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McConnell: Trump probably cannot save Ky. coal industry

Senate Majority Leader Mitch McConnell said rolling back the Obama administration's environmental rules would not be enough to bring back the coal industry in eastern Kentucky.

In an interview with McClatchy newspapers published Jan. 18, the Kentucky Republican said Congress would work with the incoming Trump administration to "remove as many of the government impediments as possible and give the coal industry a chance to survive."

McConnell's home state has been battered by a downturn in coal production and by declining natural gas prices that have helped natural gas become more competitive.

Kentucky coal production remains 60.1% off from levels reported in the U.S. coal market's peak in late 2011. Employment has fallen similarly, with 65% fewer coal mining jobs reported to the U.S. Mine Safety and Health Administration since the market peak.

"The recovery of the coal industry in eastern Kentucky and in other regions will not be completed overnight," Kentucky Coal Association president Tyler White told S&P Global Market Intelligence. "Our association is optimistic about the direction the Trump administration will take with regards to the coal industry. [President-elect Donald Trump's Cabinet nominees] give great promise to helping restore an even playing field where the government is not picking winners and losers."

McConnell has frequently blamed President Barack Obama and the U.S. EPA for coal's decline in Kentucky, declaring in a 2013 speech on the Senate floor that his state was "being ravaged by the EPA's excessive, overly burdensome regulations on coal."

McConnell offered a similar assessment of Trump's potential just after the election, telling reporters at a Nov. 11, 2016, news conference that it was hard to tell whether the GOP would be able to restore the industry "because this is a private sector activity."

Trump made coal mining jobs a centerpiece of his campaign, repeatedly promising to reopen shuttered mines and put miners back to work by repealing regulations often cited as detrimental to the coal industry. His message resonated in Kentucky, where he received 63% of the vote.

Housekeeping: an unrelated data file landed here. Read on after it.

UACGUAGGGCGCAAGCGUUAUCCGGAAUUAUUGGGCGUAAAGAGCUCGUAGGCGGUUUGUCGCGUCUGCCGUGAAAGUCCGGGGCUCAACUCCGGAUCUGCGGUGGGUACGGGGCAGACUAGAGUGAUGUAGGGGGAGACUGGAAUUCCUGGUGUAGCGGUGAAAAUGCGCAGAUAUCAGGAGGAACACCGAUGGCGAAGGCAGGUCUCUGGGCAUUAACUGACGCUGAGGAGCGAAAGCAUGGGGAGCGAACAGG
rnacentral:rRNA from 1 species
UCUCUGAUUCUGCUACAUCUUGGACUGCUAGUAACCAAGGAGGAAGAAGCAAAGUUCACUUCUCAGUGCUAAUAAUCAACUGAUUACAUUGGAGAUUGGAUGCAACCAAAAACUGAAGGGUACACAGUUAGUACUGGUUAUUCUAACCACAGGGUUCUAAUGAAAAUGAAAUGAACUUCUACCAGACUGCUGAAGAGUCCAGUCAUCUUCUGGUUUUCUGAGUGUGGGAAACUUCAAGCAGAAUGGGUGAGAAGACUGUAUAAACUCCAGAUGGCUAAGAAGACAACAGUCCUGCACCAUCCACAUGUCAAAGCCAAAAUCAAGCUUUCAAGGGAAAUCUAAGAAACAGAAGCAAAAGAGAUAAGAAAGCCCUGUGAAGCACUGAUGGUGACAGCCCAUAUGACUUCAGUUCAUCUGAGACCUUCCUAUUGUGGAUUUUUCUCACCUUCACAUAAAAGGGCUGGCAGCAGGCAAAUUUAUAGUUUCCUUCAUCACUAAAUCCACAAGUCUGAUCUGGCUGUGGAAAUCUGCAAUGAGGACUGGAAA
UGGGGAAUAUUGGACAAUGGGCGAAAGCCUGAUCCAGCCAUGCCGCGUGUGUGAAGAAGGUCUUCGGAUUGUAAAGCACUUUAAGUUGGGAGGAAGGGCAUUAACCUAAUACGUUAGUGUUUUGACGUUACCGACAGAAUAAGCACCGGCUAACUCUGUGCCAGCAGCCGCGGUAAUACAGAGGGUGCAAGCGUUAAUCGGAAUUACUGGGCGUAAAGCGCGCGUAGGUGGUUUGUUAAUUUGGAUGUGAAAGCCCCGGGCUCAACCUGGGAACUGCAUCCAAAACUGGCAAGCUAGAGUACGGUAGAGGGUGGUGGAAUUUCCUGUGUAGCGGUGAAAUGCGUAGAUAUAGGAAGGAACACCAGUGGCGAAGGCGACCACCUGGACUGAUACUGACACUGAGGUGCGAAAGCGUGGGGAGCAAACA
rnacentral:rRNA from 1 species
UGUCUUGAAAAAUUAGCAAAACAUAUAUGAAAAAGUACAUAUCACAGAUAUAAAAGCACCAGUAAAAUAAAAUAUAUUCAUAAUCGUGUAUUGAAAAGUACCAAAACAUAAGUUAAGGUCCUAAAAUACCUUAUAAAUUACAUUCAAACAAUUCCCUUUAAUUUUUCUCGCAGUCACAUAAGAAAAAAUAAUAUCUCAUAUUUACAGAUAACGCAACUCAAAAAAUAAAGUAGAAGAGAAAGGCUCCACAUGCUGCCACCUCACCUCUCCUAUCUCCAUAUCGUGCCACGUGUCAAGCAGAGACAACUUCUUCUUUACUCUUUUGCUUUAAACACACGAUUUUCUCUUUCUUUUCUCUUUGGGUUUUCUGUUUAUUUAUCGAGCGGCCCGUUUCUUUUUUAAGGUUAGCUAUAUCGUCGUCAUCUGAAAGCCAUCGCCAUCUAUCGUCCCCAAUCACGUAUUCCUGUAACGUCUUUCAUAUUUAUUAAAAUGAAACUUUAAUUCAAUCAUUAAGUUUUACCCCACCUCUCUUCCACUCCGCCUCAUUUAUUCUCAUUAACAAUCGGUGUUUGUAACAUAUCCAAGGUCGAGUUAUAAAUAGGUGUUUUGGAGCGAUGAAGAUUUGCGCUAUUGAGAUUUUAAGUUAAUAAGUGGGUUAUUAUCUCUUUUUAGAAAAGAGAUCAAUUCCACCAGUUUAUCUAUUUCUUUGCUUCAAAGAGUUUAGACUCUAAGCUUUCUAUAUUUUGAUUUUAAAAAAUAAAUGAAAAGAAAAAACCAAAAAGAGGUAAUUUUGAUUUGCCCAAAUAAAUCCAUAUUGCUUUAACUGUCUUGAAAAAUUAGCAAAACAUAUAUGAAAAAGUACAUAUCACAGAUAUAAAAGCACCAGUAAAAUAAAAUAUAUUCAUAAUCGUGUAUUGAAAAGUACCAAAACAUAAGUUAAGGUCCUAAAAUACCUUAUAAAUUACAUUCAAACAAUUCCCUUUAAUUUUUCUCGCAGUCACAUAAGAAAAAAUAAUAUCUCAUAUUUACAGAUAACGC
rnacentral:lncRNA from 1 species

However, some analysts and industry leaders have expressed doubt that Trump can reverse the sustained decline in coal jobs, much of which has been attributed to automation, public concern about the environmental effects of burning coal and the collapse of the American steel industry.

Murray Energy Corp. CEO Robert Murray has made claims that Obama destroyed nearly half of the U.S. coal industry in his time in office, including what he said includes 411 coal-fired power plants, with another 56 potentially closing because of pending regulations.

"None of it can be reversed. None of it," Murray said. "This is permanent destruction by Obama and his Democrat supporters."

Retired coal executive Nick Carter told S&P Global Market Intelligence in November, while he was serving as interim president of the Kentucky Coal Association, that a lot of the decline in production was a "rightsizing" of supply to meet demand.

"We will never see [recent highs in coal production] in our lifetimes again, I don't believe, unless the (EPA's) Clean Power Plan is amended in ways that let new coal power plants to be built," Carter said. " ... We're going to end up with a much smaller industry, one that has rationalized itself with regard to production."

The National Mining Association, though, still sees ways Trump can help the industry recover, at least partially.

"Whether Trump can bring coal back to its glory days is irrelevant," spokesman Luke Popovich told S&P Global Market Intelligence. "The important thing is his pledge to revitalize coal employment and improve the coal economy with specific plans to lift the Obama era regulatory burden from the industry and the communities and working families it supports. This starts with nullifying the [Stream Protection Rule] via a CRA and voiding the federal coal lease moratorium via executive action. Finally, his administration can address deep flaws in the CPP in the unlikely event it survives court challenge."